Mutual Or Concurrent Delay Caused By Subcontractors

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How are delay damages treated when two subcontractors cause a mutual or concurrent delay to the project?

March 23, 2020
David Adelstein - Florida Construction Legal Updates

How are delay damages treated when two subcontractors cause a mutual or concurrent delay to the project?

Assume multiple subcontractors concurrently contributed to an impact to the critical path resulting in a delay to the project. The delay caused the prime contractor to: (1) be assessed liquidated damages from the owner and (2) incur extended general conditions. The prime contractor will be looking to the subcontractors for reimbursement for any liquidated damages it is assessed along with its extended general conditions costs.

There is really no great case that addresses this point when two (or more) subcontractors mutually or concurrently delay the project. It is also not uncommon, and frankly expected, that a subcontractor will point the finger at another subcontractor for the cause of the delay or that another subcontractor was concurrently delaying the project.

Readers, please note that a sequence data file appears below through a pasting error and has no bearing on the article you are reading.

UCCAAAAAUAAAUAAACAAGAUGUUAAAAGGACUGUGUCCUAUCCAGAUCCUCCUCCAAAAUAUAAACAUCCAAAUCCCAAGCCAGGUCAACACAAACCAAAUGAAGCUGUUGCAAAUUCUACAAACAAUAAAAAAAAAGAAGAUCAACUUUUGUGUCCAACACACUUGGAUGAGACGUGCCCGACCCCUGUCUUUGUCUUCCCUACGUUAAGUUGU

The prime contractor should absolutely, without any exception, undertake efforts with a scheduling consultant to allocate the delay caused by subcontractors. Taking an approach that joint and several liability applies between multiple subcontractors and/or not trying to apportion delay because the subcontractors concurrently delayed the critical path at the same time is probably not the best approach. The prime contractor should have an expert render an opinion as to the allocation of the delay period amongst responsible subcontractors that delayed the critical path. Not doing so, in my opinion, is a mistake.

Mr. Adelstein may be contacted at dma@kirwinnorris.com



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